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Unread 06-07-2016, 04:50 PM   #1
jaydub_atl
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Removing white haze from charcoal grout and gray haze from white stones

Hi all, first time poster but long time fan of the forum. A tile company finished my newly built bathroom 6 weeks ago. Nice work, except for two issues:

1) When the pebble stones were grouted with charcoal grout, some of them took on a grey/dirty look that is not easily cleaning off. (All the light colored stones in the picture were originally close to white.) They apparently used a sealer/enhancer spray (attached) on the pebble tile before grouting it. Unfortunately it certainly did not repel the gray color of the grout. I actually think it may have made things worse. The gray haze on some of the white stones is unnaturally clinging to them, and it doesn't disappear when you get it wet like normal grout haze. I'm thinking it actually got soaked up by that layer of sealer, and is now stuck to the stones? Or did it get pulled into the stone itself? (The sliced pebble is unpolished, so I assume that makes it more likely to stain.)

2) The charcoal grout in the shower floor was laid before the rest of the shower was finished, so they ended up getting a white haze over of the charcoal grout (from the white grout and sanded caulk they used elsewhere). As far as I know, the floor grout was not 'sealed'.

I was told both of these discolorations would clean easily and/or wash away over time, but that's proving not to be the case. I plan on going at the floor with a scrub brush, but I'm wondering what product(s) you would recommend for this? Do I need to step up to a strong acidic cleaner for this? Or would that damage the stones?

Thanks in advance for any advice.
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Unread 06-07-2016, 06:19 PM   #2
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From the Tilelab fact sheet :

Drying Time
4*–*6*hours.

Did they do that ? or just wait a few minutes while the grout was mixed ?
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Unread 06-07-2016, 06:25 PM   #3
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Yes, the sealer was allowed to dry overnight. They definitely didn't grout until the next day.
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Unread 06-07-2016, 07:28 PM   #4
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That's good news.

The charcoal grout typically does to porous tile what happened to you. Personally I would have tried my best to talk you out of using a cement based grout if you wanted black grout and then tried to talk you out of black grout. Generally its a no win situation.

To get the precise advice you need, contact tech support at Custom Blend (they are in CA) They will let you know if anything can be done.
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Unread 06-07-2016, 07:37 PM   #5
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I certainly did not request a cement based grout, I leave all things tile to the professionals. I trusted they were using the right stuff for the job.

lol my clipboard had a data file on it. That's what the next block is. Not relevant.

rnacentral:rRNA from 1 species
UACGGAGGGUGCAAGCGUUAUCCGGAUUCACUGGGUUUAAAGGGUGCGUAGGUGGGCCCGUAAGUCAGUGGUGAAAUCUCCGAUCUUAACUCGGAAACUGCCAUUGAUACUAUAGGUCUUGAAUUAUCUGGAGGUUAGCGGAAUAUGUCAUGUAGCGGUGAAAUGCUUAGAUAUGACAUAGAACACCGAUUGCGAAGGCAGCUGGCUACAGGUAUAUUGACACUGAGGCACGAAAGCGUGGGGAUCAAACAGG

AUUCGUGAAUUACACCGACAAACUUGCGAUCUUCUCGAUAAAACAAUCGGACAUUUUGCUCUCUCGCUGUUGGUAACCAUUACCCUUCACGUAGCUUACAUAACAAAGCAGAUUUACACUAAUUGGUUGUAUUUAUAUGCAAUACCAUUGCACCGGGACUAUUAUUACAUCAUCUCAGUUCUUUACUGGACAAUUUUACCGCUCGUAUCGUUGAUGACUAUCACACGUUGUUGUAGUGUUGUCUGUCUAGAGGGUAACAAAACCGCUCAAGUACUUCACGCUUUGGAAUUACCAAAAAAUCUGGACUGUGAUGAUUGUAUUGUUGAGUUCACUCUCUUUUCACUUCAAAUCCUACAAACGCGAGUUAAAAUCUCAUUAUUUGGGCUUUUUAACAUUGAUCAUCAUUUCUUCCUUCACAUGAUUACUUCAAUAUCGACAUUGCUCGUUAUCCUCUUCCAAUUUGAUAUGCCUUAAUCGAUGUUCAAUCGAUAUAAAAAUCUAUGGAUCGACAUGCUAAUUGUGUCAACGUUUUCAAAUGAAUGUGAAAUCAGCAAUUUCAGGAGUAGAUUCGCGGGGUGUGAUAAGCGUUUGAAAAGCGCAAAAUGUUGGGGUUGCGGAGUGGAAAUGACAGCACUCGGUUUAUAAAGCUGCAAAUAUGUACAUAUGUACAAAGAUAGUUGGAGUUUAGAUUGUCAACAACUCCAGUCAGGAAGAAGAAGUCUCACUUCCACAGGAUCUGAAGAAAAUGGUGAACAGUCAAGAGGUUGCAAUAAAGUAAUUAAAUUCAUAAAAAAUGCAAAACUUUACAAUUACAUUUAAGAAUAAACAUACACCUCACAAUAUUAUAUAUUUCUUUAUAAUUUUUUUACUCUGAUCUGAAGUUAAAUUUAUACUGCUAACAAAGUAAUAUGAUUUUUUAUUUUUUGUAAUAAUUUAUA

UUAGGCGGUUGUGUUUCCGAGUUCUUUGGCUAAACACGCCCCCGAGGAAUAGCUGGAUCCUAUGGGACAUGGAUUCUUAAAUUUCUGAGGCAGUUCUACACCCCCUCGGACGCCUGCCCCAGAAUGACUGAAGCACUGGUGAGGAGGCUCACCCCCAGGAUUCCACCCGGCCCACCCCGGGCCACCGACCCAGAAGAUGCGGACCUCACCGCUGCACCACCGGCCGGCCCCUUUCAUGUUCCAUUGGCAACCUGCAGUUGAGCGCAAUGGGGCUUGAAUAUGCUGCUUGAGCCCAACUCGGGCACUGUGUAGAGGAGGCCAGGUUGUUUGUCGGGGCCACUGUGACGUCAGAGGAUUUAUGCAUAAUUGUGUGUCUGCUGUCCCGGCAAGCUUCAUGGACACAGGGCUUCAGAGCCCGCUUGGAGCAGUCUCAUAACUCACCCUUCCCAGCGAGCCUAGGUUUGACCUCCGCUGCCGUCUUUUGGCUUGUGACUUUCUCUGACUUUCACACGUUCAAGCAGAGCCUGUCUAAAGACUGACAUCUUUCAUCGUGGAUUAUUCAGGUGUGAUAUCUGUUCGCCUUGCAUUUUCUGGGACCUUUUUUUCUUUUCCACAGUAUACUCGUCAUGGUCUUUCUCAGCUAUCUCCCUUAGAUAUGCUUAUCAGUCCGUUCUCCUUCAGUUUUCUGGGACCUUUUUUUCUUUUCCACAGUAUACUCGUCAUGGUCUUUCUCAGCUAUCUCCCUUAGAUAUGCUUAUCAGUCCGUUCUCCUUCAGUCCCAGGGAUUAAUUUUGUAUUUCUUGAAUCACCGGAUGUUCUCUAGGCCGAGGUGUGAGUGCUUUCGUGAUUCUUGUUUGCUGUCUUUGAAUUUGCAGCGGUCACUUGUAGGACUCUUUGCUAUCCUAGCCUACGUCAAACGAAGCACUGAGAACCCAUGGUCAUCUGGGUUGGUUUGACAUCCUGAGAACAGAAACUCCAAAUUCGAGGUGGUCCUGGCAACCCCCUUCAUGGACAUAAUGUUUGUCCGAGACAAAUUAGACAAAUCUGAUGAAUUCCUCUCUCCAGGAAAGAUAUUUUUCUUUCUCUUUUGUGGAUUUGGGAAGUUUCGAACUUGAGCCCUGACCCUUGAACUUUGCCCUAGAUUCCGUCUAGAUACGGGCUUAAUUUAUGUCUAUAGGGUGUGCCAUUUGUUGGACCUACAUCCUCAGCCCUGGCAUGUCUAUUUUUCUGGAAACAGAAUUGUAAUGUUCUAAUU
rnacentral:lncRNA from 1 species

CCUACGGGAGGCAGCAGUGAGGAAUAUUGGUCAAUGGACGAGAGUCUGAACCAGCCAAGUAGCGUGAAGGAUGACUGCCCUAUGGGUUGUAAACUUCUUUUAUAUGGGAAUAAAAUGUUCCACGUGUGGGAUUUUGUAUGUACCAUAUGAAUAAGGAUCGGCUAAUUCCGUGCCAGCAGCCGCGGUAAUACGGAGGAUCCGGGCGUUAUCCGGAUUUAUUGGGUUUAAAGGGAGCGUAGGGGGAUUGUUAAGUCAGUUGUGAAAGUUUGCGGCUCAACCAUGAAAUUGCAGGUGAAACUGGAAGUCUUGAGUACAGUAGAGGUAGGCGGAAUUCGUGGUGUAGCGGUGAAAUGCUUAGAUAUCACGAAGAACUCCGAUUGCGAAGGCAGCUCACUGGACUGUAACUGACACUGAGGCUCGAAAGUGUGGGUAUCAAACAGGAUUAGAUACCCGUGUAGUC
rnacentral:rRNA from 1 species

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Unread 06-08-2016, 12:30 AM   #6
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We could have a lengthy debate over the merits of grout selection.

It boils down to - 99 44/100ths of all installers would have used cement based grout unless you specified otherwise.
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Unread 06-08-2016, 10:38 AM   #7
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I'm in that barely-over-half-one-percent of installers that would have used something other than portland grout. I actually prefer epoxy grout in all showers. Black and white portland-based grouts are tough to work with, tough to get looking right, and tough to keep looking right.

If the grout hasn't been sealed at this point, I'd be looking at a grout stain.
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Unread 06-08-2016, 01:28 PM   #8
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I called Custom today. If anyone is curious, they recommended starting with their less harsh non-acid "Heavy Duty Stripper and Cleaner". If that doesn't remove it all, they said I could step up to their "Sulfamic Acid Cleaner". We shall see.
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Unread 06-09-2016, 07:31 AM   #9
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Everything loves to cling to unpolished natural stone and grout. This won't be your last problem in my opinion. It's gonna take diligent maintenance to keep up that floor. Don't use bar soap and save yourself a lot of grief in the future.
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Unread 06-09-2016, 11:39 AM   #10
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So given that, what is the best product to re-seal the stones and grout after I strip/clean and remove the haze? Surely there is something that will make it at least slightly easier to keep clean going forward?
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